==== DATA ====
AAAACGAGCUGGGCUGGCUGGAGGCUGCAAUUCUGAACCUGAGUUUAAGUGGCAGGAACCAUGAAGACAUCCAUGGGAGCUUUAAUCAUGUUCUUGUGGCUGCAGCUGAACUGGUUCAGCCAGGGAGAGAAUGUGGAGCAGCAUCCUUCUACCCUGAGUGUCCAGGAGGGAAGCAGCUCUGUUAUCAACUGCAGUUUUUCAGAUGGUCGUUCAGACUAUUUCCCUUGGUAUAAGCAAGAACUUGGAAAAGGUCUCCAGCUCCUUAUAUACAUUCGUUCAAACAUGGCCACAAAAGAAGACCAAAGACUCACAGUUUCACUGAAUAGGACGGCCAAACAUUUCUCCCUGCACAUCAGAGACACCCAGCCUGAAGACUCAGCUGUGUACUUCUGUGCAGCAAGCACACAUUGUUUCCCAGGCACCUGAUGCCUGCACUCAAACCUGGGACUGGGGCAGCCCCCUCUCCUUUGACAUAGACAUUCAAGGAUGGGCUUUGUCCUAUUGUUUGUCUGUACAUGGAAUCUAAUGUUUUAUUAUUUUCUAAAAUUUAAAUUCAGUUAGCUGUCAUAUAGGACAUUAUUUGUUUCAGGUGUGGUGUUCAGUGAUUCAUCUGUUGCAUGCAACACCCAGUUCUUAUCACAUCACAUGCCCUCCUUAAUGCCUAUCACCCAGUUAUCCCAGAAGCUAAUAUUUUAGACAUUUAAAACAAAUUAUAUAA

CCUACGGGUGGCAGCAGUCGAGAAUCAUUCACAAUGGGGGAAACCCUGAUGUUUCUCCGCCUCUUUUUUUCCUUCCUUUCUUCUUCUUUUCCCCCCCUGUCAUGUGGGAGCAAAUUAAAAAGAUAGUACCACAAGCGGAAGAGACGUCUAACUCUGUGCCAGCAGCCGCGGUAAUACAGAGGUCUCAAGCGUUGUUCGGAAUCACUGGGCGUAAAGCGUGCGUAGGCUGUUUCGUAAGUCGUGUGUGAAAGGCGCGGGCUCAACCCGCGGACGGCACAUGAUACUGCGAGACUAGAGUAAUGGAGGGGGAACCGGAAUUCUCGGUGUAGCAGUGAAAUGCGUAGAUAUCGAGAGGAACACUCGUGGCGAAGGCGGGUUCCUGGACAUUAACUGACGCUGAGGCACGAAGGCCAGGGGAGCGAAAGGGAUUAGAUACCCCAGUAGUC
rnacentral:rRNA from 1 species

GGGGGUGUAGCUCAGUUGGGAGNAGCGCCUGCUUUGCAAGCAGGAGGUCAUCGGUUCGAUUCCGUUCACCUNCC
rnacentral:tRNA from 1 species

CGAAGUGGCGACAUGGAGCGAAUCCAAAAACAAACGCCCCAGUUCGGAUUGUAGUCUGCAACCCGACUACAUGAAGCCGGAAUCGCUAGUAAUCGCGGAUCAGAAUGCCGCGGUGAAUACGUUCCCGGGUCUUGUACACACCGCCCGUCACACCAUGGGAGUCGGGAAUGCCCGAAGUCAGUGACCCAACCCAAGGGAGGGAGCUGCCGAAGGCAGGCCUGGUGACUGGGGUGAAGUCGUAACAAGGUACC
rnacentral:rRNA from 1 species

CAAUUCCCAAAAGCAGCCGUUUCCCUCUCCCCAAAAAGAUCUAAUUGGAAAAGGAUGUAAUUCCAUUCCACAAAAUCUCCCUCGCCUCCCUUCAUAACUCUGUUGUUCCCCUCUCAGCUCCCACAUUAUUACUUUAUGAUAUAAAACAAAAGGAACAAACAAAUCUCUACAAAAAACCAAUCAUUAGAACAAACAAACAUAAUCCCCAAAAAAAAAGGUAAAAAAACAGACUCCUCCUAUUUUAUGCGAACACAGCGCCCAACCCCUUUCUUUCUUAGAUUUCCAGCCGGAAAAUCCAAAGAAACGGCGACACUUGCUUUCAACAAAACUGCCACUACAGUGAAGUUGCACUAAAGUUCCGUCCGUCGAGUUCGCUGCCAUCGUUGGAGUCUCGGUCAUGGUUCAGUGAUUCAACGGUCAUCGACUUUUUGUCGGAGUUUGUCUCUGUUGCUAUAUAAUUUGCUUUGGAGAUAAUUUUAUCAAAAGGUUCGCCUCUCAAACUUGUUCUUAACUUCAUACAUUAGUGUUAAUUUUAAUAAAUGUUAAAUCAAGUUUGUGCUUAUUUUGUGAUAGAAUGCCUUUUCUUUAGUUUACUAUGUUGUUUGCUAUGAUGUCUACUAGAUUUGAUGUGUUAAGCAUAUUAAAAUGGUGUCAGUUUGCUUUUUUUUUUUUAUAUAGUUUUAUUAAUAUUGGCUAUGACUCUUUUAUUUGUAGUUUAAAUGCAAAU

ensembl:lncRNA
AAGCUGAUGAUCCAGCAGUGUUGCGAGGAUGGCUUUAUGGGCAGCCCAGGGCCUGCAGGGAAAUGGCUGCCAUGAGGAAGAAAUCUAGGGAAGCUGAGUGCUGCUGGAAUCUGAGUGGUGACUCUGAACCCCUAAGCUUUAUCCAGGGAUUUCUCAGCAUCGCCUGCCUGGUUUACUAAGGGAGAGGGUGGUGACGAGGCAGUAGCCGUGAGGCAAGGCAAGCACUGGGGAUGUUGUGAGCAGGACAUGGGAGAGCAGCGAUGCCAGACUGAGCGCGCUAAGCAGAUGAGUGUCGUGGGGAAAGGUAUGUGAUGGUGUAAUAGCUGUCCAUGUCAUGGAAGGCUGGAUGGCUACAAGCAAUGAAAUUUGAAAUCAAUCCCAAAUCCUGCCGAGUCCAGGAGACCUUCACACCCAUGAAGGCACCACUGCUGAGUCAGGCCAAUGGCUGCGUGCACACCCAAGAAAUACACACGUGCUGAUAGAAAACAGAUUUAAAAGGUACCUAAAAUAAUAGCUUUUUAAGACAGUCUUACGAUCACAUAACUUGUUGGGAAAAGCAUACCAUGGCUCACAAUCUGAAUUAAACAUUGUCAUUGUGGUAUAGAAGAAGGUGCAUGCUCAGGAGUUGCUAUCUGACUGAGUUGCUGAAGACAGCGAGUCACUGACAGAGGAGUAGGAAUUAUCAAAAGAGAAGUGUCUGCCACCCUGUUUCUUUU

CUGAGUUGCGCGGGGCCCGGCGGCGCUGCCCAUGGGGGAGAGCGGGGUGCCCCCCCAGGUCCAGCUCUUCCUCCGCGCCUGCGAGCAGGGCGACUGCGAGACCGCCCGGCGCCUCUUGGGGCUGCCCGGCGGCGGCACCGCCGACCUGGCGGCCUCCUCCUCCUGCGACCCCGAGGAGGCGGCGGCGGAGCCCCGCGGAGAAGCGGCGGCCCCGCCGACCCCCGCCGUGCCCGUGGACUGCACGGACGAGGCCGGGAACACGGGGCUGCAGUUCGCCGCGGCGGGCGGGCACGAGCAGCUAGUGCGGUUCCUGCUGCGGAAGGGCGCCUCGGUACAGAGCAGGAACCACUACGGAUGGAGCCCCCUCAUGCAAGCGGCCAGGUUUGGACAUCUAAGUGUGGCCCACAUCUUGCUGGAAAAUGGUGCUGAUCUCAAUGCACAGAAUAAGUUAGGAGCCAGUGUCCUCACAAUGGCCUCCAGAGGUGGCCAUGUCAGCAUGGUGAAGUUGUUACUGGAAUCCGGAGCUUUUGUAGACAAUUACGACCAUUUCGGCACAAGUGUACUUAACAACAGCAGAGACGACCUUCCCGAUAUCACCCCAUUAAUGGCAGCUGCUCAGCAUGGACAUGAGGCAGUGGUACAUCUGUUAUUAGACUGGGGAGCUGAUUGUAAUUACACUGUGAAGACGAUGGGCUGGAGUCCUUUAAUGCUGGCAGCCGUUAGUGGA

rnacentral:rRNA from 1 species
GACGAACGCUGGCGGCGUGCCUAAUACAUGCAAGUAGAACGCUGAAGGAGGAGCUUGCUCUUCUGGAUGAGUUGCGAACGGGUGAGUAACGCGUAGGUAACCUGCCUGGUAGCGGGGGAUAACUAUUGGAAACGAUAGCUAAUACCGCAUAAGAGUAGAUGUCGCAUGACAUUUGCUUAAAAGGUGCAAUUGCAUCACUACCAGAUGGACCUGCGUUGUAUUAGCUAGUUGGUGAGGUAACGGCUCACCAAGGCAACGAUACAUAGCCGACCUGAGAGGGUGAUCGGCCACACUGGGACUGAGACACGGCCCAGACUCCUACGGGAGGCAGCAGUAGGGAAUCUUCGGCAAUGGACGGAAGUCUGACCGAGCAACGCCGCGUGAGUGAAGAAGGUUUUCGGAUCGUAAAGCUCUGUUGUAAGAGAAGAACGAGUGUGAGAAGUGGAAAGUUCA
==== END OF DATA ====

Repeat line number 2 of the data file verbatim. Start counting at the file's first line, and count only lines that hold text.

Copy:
CCUACGGGUGGCAGCAGUCGAGAAUCAUUCACAAUGGGGGAAACCCUGAUGUUUCUCCGCCUCUUUUUUUCCUUCCUUUCUUCUUCUUUUCCCCCCCUGUCAUGUGGGAGCAAAUUAAAAAGAUAGUACCACAAGCGGAAGAGACGUCUAACUCUGUGCCAGCAGCCGCGGUAAUACAGAGGUCUCAAGCGUUGUUCGGAAUCACUGGGCGUAAAGCGUGCGUAGGCUGUUUCGUAAGUCGUGUGUGAAAGGCGCGGGCUCAACCCGCGGACGGCACAUGAUACUGCGAGACUAGAGUAAUGGAGGGGGAACCGGAAUUCUCGGUGUAGCAGUGAAAUGCGUAGAUAUCGAGAGGAACACUCGUGGCGAAGGCGGGUUCCUGGACAUUAACUGACGCUGAGGCACGAAGGCCAGGGGAGCGAAAGGGAUUAGAUACCCCAGUAGUC